Volume 1 Issue 4 - 2017
Could Ethics Committees please welcome Independent Researchers?
Cecilia YOUNG*
Physician. Pharmacist. People Health magazine, Dental Consultant and Columnist, Hong Kong
*Corresponding Author: Cecilia YOUNG, Physician. Pharmacist. People Health magazine, Dental Consultant and Columnist, Hong Kong.
Received: August 05, 2017; Published: August 09, 2017
The World Medical Association (WMA) has developed the Declaration of Helsinki as a statement of ethical principles for medical research involving human subjects, including research on identifiable human material and data. Declaration of Helsinki was adopted by the 18th WMA General Assembly in 1964. Up to now, there were 2 notes of Clarification added in 2002 and 2004 and altogether 7 amendments with the last one in October 2013 [1].
Preamble; General Principles; Risk, Burdens and Benefits; Vulnerable Groups and Individuals; Scientific Requirements and Research Protocols; Research Ethics Committees; Privacy and Confidentiality; Informed Consent; Use of Placebo; Post-Trial Provisions; Research Registration and Publication and Dissemination of Results; and Unproven Interventions in Clinical Practice are stated clearly in Declaration of Helsinki [1]. The Declaration mentions that “Researchers, authors, sponsors, editors and publishers all have ethical obligations with regard to the publication and dissemination of the results of research.” “Reports of research not in accordance with the principles of this Declaration should not be accepted for publication.” “The research protocol must be submitted to Research Ethics Committees for consideration, comment, guidance and approval to the concerned research ethics committee before the study begins.” [1].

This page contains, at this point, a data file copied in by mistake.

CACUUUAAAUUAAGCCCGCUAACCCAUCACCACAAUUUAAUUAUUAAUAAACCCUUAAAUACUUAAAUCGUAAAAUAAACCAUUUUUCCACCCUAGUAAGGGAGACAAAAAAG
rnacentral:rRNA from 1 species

International Committee of Medical Journal Editors gives a series of recommendations for the Conduct, Reporting, Editing, and Publication of Scholarly work in Medical Journals including “when reporting research involving human data, authors should indicate whether the procedures followed have been assessed by the responsible review committee (institutional and national), or if no formal ethics committee is available, were in accordance with the Helsinki Declaration as revised in 2013. If doubt exists whether the research was conducted in accordance with the Helsinki Declaration, the authors must explain the rationale for their approach and demonstrate that the institutional review body explicitly approved the doubtful aspects of the study. Approval by a responsible review committee does not preclude editors from forming their own judgment whether the conduct of the research was appropriate” [2]. There is a list of journals following the recommendations of International committee of Medical Journal Editors [3].
Most researchers can find the corresponding Research Ethics Committees in their affiliated hospital, institution or university, etc. There are more than 200 HRECs in institutions and organizations across Australia [4]. A list of Institutional Review Board in Office for Human Research Protections (OHRP) can be found in their link [5]. More ethics committees can be found in the link of World Health Organization (WHO) [6].
How about independent researchers? Independent researchers asked where they can go to apply and how to solve problem related to ethical approval. There has been discussions about ethics approval issues among them online [7-8]. They can co-operate with other researchers who are affiliated with institutions; form an ethics committee [9]; approach private ethics committees.
Problems may also arise in co-operation with other researchers. Some Ethics Committees only accept submission of protocols which the Principal Investigator is the member, student or staff [10-12], the original principal investigator has to become co-investigator in order to have their application received. There is also politics in forming an ethics committee, university and hospital staff may not be allowed to voluntarily join the board of other ethics committees even in their leisure time. In such circumstances, submission of protocol to private ethics committee is the remaining choice. Some Ethics Committees may not have enough staff for large amount of applications or have difficulty finding experts for reviewing protocols beyond their expertise (e.g. Hong Kong Clinical Research Ethics Committee [13], Hong Kong Doctors Union [14]). These committees usually have a pre-screening process. They may simply decline to pass the protocol to their review board and suggest applicants to go to another ethics committee.